MD: The notes are there because some of the references are to special customary practice and belief. If I write in Adi I will still have to use Roman script since we are a non-script language. Currently there is a move to devise a new script for the Tani group of tribes of Arunachal. i.e. the tribes practicing Donyi-Polo and who claim common ancestry from a legendary forefather called Tani, but we have 26 tribes in Arunachal and more than a 100 sub-clans so the consensus is more for English and Hindi as the lingua franca and for writing. At the moment we have also launched an Arunachal Pradesh Literary Society to promote writing in local languages / dialects/ which may be translated into English or Hindi or other major Indian languages. About the language of poetic expression – people say -- well, Spanish and French for love, Urdu for ghazal, something else for Haiku, but I think poetry in any language will have meaning depending on the honesty of feeling.

NKA: Poetry is the emotional outburst of personal feelings. A poet transmits his own subjective feelings in his poetry. In a way, a poet universalizes his personal emotions in his poetry. In your poetry, I have found that beneath the treatment of nature and social customs of Arunachal Pradesh, there is an undercurrent of pain. The opening lines of “Broken Verse” hint towards that grief. Are there certain personal concerns responsible for this treatment of grief? What personal factors are responsible for poetry in you? Please illuminate.

MD: Always difficult to pin point what started anyone on a particular course or path, or why one writes the way one does. There are many changes happening in Arunachal today so the treatment of nature and social customs is something that I feel an affinity for and it is my way of viewing this change or the passage of time. Things happen. We learn only to learn that there is more to learn and it goes on. There’s a new understanding for everything if one doesn’t lose faith and writing is of course an act of hope, in the sense that you will overcome barriers of misunderstanding, grief, loss, through some new creation like an act of transformation, metamorphosis.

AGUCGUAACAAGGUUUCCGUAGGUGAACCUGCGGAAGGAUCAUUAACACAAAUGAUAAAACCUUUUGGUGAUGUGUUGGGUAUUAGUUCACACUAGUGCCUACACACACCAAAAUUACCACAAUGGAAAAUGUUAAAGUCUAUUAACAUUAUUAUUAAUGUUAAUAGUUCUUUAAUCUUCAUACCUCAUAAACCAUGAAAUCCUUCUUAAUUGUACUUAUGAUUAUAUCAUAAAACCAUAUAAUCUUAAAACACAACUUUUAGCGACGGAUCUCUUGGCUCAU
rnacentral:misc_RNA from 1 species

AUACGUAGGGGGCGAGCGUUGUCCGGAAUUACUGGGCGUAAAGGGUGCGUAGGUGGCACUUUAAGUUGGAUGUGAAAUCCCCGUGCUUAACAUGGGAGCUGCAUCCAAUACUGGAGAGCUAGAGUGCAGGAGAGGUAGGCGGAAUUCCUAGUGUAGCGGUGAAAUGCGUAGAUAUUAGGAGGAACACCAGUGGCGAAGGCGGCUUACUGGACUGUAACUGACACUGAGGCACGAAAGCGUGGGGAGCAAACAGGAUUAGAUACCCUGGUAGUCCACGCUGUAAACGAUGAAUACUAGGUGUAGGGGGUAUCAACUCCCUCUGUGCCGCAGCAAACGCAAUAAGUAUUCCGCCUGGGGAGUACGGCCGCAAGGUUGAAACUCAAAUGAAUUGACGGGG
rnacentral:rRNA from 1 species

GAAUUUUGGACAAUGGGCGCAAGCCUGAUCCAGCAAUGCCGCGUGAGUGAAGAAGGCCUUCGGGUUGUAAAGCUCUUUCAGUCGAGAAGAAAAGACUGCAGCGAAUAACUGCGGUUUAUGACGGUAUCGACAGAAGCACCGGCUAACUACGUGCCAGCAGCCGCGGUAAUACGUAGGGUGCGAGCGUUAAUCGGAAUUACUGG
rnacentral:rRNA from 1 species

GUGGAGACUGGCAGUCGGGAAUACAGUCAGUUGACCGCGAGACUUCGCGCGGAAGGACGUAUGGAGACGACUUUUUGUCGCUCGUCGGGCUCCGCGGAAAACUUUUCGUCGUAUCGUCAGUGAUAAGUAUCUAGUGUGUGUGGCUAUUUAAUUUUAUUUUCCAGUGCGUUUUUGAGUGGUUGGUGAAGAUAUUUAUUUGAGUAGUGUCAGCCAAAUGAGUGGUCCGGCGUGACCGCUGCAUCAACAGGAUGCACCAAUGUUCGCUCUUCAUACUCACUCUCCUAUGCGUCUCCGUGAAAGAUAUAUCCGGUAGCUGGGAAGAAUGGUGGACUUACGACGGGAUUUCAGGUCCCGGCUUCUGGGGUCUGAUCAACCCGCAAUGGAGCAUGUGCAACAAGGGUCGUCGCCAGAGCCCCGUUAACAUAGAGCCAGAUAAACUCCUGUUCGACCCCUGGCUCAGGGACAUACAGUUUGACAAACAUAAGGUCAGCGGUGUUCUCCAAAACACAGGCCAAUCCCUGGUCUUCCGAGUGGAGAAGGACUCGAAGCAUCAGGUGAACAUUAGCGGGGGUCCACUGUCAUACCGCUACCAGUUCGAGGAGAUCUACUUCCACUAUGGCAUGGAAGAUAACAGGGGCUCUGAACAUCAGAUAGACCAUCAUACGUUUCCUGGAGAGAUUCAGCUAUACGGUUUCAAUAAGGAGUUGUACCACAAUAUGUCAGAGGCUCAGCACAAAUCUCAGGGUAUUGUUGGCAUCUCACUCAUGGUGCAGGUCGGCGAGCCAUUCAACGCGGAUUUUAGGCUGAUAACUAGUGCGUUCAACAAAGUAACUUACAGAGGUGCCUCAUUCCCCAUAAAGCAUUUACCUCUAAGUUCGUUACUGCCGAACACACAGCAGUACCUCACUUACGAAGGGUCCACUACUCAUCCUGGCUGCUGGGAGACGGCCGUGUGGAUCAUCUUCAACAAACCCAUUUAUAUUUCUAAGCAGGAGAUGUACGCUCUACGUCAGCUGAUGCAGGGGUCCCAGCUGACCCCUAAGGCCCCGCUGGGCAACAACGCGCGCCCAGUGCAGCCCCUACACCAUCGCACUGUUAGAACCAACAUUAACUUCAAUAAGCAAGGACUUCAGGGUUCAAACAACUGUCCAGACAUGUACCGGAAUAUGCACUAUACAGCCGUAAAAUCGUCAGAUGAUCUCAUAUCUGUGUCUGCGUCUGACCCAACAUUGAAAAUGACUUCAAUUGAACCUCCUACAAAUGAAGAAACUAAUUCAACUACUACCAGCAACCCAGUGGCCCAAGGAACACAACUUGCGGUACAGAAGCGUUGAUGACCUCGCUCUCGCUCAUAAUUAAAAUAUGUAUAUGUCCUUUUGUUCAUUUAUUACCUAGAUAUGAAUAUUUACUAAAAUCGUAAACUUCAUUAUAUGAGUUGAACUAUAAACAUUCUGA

NKA: You left IAS. You are a journalist and also a poet. Out of the three, which profession is closest to your heart and why? Has your career as a journalist helped you as a poet? Please enlighten the readers.

MD: Journalism combines a lot of things because it is about information, collecting it and reporting/ and so even if I were an administrator I might have been asking questions like a journalist (albeit certainly more restricted!) and it keeps one, hopefully, from getting too sentimental since the shorter one can write to tell a story the better. It is also about evidence, truth, and that is about poetry.

NKA: As a woman poet and journalist, did you feel disturbed in the patriarchal male Indian society? Are the males prejudiced towards a woman poet? Your views, please.

MD: No. I have never felt this. As it is we have very few writers (published ) in Arunachal, and we have few readers too! But all the same my own society, friends and relatives have been encouraging.